More "stimulus" waste
As car parks go, the new federally funded one in Fisher Street, Cabramatta, is definitely five-star: clad entirely in native hardwood inlaid with images of porpoises, set in landscaped gardens and topped with a 200-panel solar system feeding into the grid.
There is only thing missing: cars, with not even an oil stain marking any of the 172 pristine, polished concrete bays.
Charles Gream, a local resident, took daily photographs of the electronic display that listed the number of available spaces and confirmed its accuracy with a quick walk through, before the display was turned off recently.
"I reckon it's running at about 3 per cent," he said. "Without a doubt it's the most car-free part of Cabramatta."
The solution to this, says Fairfield Council, is to build more car parks. It has promised two, including one the mayor and local state Labor MP, Nick Lalich, hopes RailCorp will build for commuters on the site of the Cabramatta Inn.
It is not clear why RailCorp would build a car park when the federal Infrastructure Minister, Anthony Albanese, said the Fisher Street car park was built for commuters who are parking in local streets rather than paying charges of up to $20 a day.
When the council announced in 2009 it was going to use $5.6 million from the federal government's economic stimulus package to help build the car park, locals predicted it would be a white elephant. Fisher Street is east of the rail line, 500 metres from Cabramatta's shopping district west of the line, where parking is in short supply.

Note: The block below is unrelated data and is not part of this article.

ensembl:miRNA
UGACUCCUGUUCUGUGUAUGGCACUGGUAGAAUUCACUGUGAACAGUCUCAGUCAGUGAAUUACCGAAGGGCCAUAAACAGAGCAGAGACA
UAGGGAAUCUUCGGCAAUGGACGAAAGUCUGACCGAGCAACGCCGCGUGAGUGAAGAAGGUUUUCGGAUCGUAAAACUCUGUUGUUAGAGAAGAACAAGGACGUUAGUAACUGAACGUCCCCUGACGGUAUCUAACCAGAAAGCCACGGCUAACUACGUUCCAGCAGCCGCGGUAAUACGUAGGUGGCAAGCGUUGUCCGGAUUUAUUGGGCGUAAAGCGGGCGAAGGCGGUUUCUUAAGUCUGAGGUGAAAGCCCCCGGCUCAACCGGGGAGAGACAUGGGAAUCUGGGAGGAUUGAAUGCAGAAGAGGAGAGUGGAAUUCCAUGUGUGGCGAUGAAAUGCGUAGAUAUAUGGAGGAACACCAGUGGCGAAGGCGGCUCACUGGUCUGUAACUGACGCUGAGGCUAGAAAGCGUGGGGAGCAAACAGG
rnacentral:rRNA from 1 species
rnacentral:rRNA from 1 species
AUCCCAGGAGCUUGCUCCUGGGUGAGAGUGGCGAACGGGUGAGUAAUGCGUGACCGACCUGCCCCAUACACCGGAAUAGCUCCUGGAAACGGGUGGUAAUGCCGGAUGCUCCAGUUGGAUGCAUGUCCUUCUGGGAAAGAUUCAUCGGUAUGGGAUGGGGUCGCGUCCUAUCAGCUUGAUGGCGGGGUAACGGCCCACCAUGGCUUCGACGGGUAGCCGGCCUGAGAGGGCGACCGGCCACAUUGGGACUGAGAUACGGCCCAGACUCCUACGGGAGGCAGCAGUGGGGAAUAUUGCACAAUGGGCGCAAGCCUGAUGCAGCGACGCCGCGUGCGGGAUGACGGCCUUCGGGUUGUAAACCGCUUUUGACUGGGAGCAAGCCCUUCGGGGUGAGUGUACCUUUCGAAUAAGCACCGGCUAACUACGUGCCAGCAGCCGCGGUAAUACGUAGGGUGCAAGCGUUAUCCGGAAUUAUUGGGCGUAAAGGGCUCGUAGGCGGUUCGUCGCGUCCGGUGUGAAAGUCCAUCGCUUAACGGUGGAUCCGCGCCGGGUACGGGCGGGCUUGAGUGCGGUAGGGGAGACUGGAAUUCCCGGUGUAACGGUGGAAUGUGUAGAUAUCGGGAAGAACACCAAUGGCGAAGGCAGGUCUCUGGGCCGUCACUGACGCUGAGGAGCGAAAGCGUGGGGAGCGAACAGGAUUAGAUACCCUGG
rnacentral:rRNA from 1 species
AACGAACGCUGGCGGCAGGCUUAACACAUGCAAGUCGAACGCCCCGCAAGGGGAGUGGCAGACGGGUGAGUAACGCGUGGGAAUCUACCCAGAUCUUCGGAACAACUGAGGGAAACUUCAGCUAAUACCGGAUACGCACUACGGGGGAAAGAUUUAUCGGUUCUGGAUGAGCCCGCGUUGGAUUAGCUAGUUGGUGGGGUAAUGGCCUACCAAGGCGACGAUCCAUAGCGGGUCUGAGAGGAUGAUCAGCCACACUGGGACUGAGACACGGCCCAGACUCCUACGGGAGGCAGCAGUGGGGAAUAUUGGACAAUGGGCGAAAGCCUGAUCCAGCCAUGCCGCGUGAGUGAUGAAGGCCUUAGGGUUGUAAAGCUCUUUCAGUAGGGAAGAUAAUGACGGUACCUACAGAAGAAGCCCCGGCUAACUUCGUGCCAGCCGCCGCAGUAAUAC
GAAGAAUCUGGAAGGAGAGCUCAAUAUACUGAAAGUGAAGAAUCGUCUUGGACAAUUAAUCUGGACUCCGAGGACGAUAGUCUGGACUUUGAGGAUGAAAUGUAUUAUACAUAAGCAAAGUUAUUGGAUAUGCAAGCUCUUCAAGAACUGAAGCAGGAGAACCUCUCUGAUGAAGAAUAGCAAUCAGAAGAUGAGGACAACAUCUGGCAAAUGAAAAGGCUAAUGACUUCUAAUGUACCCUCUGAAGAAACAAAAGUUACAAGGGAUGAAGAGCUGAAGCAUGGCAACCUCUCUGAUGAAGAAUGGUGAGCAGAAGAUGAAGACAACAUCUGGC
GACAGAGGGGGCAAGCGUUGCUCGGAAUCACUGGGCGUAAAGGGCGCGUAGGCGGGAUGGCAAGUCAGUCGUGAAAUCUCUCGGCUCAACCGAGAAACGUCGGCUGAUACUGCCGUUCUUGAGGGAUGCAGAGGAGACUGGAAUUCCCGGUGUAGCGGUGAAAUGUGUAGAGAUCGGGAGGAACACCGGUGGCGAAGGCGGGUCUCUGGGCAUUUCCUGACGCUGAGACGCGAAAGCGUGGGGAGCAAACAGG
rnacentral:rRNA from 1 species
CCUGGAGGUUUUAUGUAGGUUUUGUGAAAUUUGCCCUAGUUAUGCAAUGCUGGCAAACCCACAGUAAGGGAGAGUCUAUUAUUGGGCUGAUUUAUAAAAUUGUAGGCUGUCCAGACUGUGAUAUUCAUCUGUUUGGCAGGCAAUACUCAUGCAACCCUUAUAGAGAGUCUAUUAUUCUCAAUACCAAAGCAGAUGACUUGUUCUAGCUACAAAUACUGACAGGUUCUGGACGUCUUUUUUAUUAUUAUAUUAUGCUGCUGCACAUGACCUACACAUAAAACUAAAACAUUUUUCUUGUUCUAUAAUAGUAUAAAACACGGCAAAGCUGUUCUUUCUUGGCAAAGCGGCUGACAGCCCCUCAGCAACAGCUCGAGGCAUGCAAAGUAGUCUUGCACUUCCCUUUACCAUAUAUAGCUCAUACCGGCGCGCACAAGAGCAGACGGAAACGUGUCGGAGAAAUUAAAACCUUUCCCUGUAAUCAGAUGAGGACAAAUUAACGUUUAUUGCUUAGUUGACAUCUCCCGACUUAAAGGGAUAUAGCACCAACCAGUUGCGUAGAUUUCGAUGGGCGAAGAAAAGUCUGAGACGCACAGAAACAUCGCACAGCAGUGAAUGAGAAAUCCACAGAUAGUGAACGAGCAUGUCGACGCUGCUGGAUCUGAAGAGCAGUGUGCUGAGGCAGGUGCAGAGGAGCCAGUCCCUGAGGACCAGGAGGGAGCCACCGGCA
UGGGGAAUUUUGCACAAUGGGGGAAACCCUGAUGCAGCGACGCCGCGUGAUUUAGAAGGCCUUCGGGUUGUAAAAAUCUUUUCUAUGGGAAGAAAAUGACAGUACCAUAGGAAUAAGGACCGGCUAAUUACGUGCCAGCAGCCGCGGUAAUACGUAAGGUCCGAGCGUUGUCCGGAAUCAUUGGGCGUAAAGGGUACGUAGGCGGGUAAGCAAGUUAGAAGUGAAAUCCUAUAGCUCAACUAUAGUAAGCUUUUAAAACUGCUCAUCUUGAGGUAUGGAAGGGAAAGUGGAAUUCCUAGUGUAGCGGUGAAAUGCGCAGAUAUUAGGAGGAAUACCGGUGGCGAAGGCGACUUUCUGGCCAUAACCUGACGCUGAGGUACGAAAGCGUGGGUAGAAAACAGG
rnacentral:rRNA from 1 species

The council insisted at the time that stimulus funding was available only if it began work on the car park within six months and Fisher Street was the only site available for a quick start.
A spokesman for Mr Albanese said yesterday that the location and success of the car park was a matter for the council.
He denied the $5.6 million the government committed was stimulus funding, although Mr Albanese's press release from 2009 said "through the Rudd government's economic stimulus package, we are investing in major projects like this".
The project is listed on the government's Nation Building economic stimulus plan and there is a sign on the car park stating that it is funded as part of the economic stimulus plan. But Mr Albanese's spokesman was adamant: "It's not stimulus money," he said.
With car parking a hot issue in the state election, the Liberal candidate for the seat of Cabramatta, Dai Le, called on the council to immediately allow the Fisher Street car park to become a fully operational free commuter car park.